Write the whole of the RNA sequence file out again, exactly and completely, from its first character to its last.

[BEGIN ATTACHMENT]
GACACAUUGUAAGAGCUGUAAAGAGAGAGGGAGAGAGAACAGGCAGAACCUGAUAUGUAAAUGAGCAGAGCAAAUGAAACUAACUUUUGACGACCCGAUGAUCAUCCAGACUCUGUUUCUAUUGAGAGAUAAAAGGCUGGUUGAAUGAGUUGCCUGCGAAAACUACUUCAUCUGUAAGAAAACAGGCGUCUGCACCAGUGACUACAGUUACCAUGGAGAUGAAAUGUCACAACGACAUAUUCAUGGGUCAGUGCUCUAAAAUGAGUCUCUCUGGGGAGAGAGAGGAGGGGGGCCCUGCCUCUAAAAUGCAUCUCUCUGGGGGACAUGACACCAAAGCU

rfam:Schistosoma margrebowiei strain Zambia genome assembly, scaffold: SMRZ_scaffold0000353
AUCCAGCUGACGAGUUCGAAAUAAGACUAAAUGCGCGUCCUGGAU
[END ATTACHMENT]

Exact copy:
GACACAUUGUAAGAGCUGUAAAGAGAGAGGGAGAGAGAACAGGCAGAACCUGAUAUGUAAAUGAGCAGAGCAAAUGAAACUAACUUUUGACGACCCGAUGAUCAUCCAGACUCUGUUUCUAUUGAGAGAUAAAAGGCUGGUUGAAUGAGUUGCCUGCGAAAACUACUUCAUCUGUAAGAAAACAGGCGUCUGCACCAGUGACUACAGUUACCAUGGAGAUGAAAUGUCACAACGACAUAUUCAUGGGUCAGUGCUCUAAAAUGAGUCUCUCUGGGGAGAGAGAGGAGGGGGGCCCUGCCUCUAAAAUGCAUCUCUCUGGGGGACAUGACACCAAAGCU

rfam:Schistosoma margrebowiei strain Zambia genome assembly, scaffold: SMRZ_scaffold0000353
AUCCAGCUGACGAGUUCGAAAUAAGACUAAAUGCGCGUCCUGGAU